In a world full of amazing gemstones of all kinds, there are still some gems that are uniquely different in their rather alluring charm and simplicity and no other stones represent this better than moonstone and opal
For ages, these two stones have been a subject of discussion. Their similarities and antagonism have fascinated many. Which one appeals more to the eyes and which is rarer and more.
Even though Moonstone and Opal are composed of different minerals, however, look a bit alike. But when talking of gems, we all know that there is no absolute perfection. As creatures of nature, they always vary little or greatly within their kind. One moonstone may not look like another, and some even looking like Opal, or in other words adularescent. Read on to discover the many differences between these two elegant gemstones.
Between these two stones, their chemical formulations are entirely different. Moonstone is a member of the feldspar group, one of the earth’s most widespread minerals. Precisely speaking, it is composed of orthoclase and albite. On the other hand, Opal is a product is a product of the combination of water and silica.
Opal is the softer and more easily damaged compared to moonstone. Opals have a rating of 5.5 - 6.5 on the Moh’s scale of mineral hardness, while Moonstone, what this means is that they can be easily scratched and broken, with opals obviously being more vulnerable. So, regardless of which of these gems you go for, keep in mind that if you have to care more for them if you plan using these beauties daily.
The Play Of Light
Both Moonstone and Opal deal play on light in their own unique way, but with Moonstones, there is a schiller effect known as adularescence, which is as a result of scattered light passing through the stone, acting as scattering centers, creating a bluish hue/lustre. When you look closely at a Moonstone crystal, you will observe a faint glow that originates from below the gem’s surface which is akin to the glow of the moon on the surface of a sea at night. That is what adularescence is all about.
In Opals, this similar effect is referred to as ‘opalescence’, but this is more a play of light, which gives different milky, blue, and orange luster that differ depending on the many tiny silica spheres in their chemical structure.
Moonstones can be found in a variety of colors, such as pink, peach, green, yellow, brown, grey, and blue color, but it can also be colorless as well.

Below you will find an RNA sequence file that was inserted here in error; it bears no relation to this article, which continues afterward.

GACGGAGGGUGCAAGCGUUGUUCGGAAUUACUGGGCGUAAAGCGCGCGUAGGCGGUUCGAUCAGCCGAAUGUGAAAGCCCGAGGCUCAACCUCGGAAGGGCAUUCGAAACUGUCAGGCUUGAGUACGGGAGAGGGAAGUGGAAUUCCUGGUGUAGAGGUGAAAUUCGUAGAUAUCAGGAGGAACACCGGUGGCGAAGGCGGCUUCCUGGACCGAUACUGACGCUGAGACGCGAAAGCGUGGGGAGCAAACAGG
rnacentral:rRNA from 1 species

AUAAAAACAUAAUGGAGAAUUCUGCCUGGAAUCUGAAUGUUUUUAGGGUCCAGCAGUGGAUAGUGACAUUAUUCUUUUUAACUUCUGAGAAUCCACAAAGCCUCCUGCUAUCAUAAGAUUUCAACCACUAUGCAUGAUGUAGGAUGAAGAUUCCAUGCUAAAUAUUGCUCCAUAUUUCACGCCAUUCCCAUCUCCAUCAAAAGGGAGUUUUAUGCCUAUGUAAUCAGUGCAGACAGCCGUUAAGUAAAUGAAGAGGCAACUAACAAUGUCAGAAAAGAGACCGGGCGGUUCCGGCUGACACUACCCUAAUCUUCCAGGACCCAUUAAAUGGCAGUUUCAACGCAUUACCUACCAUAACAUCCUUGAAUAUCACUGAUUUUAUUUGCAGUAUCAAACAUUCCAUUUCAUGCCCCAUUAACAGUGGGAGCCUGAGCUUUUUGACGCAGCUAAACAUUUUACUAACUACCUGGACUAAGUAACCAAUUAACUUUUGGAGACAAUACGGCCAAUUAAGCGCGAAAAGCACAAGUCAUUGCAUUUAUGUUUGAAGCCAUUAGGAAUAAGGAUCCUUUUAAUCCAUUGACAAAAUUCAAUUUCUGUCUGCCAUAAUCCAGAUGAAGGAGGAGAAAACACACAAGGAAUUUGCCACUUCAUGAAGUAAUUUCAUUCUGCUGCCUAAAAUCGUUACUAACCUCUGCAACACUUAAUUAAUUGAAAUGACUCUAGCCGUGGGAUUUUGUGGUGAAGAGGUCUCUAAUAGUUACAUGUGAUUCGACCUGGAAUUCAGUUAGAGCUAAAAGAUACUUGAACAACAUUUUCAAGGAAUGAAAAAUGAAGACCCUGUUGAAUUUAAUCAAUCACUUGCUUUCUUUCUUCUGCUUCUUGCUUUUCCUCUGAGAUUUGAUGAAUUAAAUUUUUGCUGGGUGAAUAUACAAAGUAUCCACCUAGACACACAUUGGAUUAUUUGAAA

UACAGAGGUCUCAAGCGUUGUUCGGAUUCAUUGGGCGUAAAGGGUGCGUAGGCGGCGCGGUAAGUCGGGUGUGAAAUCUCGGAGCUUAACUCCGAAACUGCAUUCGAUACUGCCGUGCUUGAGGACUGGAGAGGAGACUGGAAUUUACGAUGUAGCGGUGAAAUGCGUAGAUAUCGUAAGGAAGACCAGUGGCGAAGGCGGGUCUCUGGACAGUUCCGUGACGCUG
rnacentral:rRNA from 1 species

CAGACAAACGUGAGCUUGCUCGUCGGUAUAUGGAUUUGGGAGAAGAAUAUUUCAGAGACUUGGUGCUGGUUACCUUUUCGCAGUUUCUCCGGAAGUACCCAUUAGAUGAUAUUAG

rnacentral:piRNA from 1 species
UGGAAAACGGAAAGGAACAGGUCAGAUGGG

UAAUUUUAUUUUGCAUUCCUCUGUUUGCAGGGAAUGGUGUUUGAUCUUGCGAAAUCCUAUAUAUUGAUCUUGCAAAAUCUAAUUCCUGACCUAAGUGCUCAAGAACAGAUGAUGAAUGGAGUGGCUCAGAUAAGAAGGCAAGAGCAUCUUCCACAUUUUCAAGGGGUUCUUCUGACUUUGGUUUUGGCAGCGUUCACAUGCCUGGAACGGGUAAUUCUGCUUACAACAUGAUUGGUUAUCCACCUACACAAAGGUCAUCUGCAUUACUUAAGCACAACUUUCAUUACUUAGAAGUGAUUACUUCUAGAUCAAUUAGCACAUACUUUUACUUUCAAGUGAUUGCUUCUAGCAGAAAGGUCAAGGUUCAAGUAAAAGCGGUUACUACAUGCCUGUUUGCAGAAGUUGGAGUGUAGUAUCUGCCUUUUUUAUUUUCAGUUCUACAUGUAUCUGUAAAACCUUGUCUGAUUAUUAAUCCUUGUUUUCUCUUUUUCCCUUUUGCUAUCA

Opals, on the other hand, beat Moonstone and the gemstone’s uniqueness because no two Opal are the same in the world. Opals come in a range of colors like white, black, and orange colors with multiple inclusions of the other color flashes.
Mismatch & similarities in spiritual properties
Moonstone is associated with love, intuition, personal growth, and new beginnings. It also helps to relieve stress and negative emotional states. Moonstone does a great job of calming down the mood.
Opals, on the other hand, encourages creativity, fosters freedom, and strengthens the will to live. Opal intensifies emotions, releases anger, and inhibitions. This is why this gem is regarded as a gem of love and passion.
When it comes to the value and price carat of these gemstones, opal beat moonstones hands down. Boulder opals are the cheapest opals, and these can be white and still cost more than moonstone depending on the cut. Opals of the highest quality can fetch up to $15,000 per carat. The low-quality moonstones can go for as low as $10, but the higher specimens can go for up to $1000 per carat.
Opals are found almost exclusively from the Australian subcontinent. It is the national gem of Australia. But moonstones are unearthed in different countries, but Sri Lanka stands out as the forerunner for the production of moonstone, but other close competitors include Brazil, India, and Madagascar.
Affordable Opal and Moonstone Alternatives
If you are considering a moonstone engagement ring or an opal engagement ring, you’ll find dazzling options in our gemstone collection that can be set in your favorite PenFine engagement ring settings.